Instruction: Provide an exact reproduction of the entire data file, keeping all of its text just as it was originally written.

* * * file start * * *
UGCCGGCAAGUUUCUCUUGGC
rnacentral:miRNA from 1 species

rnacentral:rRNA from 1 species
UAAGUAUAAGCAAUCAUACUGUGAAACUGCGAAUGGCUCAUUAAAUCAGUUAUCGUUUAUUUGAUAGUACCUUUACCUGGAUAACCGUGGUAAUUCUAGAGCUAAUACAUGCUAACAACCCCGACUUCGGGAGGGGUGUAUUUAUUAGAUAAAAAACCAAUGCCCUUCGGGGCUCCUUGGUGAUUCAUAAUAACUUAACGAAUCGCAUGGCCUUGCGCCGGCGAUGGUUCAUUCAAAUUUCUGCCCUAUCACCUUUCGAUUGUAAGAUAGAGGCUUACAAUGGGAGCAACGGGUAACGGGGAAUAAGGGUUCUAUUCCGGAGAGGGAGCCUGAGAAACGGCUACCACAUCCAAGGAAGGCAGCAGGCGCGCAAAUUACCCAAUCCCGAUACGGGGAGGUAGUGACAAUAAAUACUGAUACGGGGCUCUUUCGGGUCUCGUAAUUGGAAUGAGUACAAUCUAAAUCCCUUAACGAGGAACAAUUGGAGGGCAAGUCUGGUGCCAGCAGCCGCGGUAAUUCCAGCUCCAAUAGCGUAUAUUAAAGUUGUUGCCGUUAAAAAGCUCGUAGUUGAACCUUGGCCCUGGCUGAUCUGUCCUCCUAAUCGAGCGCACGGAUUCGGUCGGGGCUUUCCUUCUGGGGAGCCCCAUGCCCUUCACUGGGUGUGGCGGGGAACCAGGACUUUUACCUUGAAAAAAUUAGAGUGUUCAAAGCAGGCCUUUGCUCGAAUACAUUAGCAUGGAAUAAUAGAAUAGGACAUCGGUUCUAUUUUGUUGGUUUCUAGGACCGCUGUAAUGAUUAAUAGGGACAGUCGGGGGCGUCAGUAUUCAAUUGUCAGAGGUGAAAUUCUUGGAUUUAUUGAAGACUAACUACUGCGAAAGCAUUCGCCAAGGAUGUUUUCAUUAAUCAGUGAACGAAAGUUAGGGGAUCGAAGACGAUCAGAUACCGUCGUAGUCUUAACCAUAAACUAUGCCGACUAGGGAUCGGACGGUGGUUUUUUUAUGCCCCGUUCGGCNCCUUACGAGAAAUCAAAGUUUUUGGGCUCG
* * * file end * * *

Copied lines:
UGCCGGCAAGUUUCUCUUGGC
rnacentral:miRNA from 1 species

rnacentral:rRNA from 1 species
UAAGUAUAAGCAAUCAUACUGUGAAACUGCGAAUGGCUCAUUAAAUCAGUUAUCGUUUAUUUGAUAGUACCUUUACCUGGAUAACCGUGGUAAUUCUAGAGCUAAUACAUGCUAACAACCCCGACUUCGGGAGGGGUGUAUUUAUUAGAUAAAAAACCAAUGCCCUUCGGGGCUCCUUGGUGAUUCAUAAUAACUUAACGAAUCGCAUGGCCUUGCGCCGGCGAUGGUUCAUUCAAAUUUCUGCCCUAUCACCUUUCGAUUGUAAGAUAGAGGCUUACAAUGGGAGCAACGGGUAACGGGGAAUAAGGGUUCUAUUCCGGAGAGGGAGCCUGAGAAACGGCUACCACAUCCAAGGAAGGCAGCAGGCGCGCAAAUUACCCAAUCCCGAUACGGGGAGGUAGUGACAAUAAAUACUGAUACGGGGCUCUUUCGGGUCUCGUAAUUGGAAUGAGUACAAUCUAAAUCCCUUAACGAGGAACAAUUGGAGGGCAAGUCUGGUGCCAGCAGCCGCGGUAAUUCCAGCUCCAAUAGCGUAUAUUAAAGUUGUUGCCGUUAAAAAGCUCGUAGUUGAACCUUGGCCCUGGCUGAUCUGUCCUCCUAAUCGAGCGCACGGAUUCGGUCGGGGCUUUCCUUCUGGGGAGCCCCAUGCCCUUCACUGGGUGUGGCGGGGAACCAGGACUUUUACCUUGAAAAAAUUAGAGUGUUCAAAGCAGGCCUUUGCUCGAAUACAUUAGCAUGGAAUAAUAGAAUAGGACAUCGGUUCUAUUUUGUUGGUUUCUAGGACCGCUGUAAUGAUUAAUAGGGACAGUCGGGGGCGUCAGUAUUCAAUUGUCAGAGGUGAAAUUCUUGGAUUUAUUGAAGACUAACUACUGCGAAAGCAUUCGCCAAGGAUGUUUUCAUUAAUCAGUGAACGAAAGUUAGGGGAUCGAAGACGAUCAGAUACCGUCGUAGUCUUAACCAUAAACUAUGCCGACUAGGGAUCGGACGGUGGUUUUUUUAUGCCCCGUUCGGCNCCUUACGAGAAAUCAAAGUUUUUGGGCUCG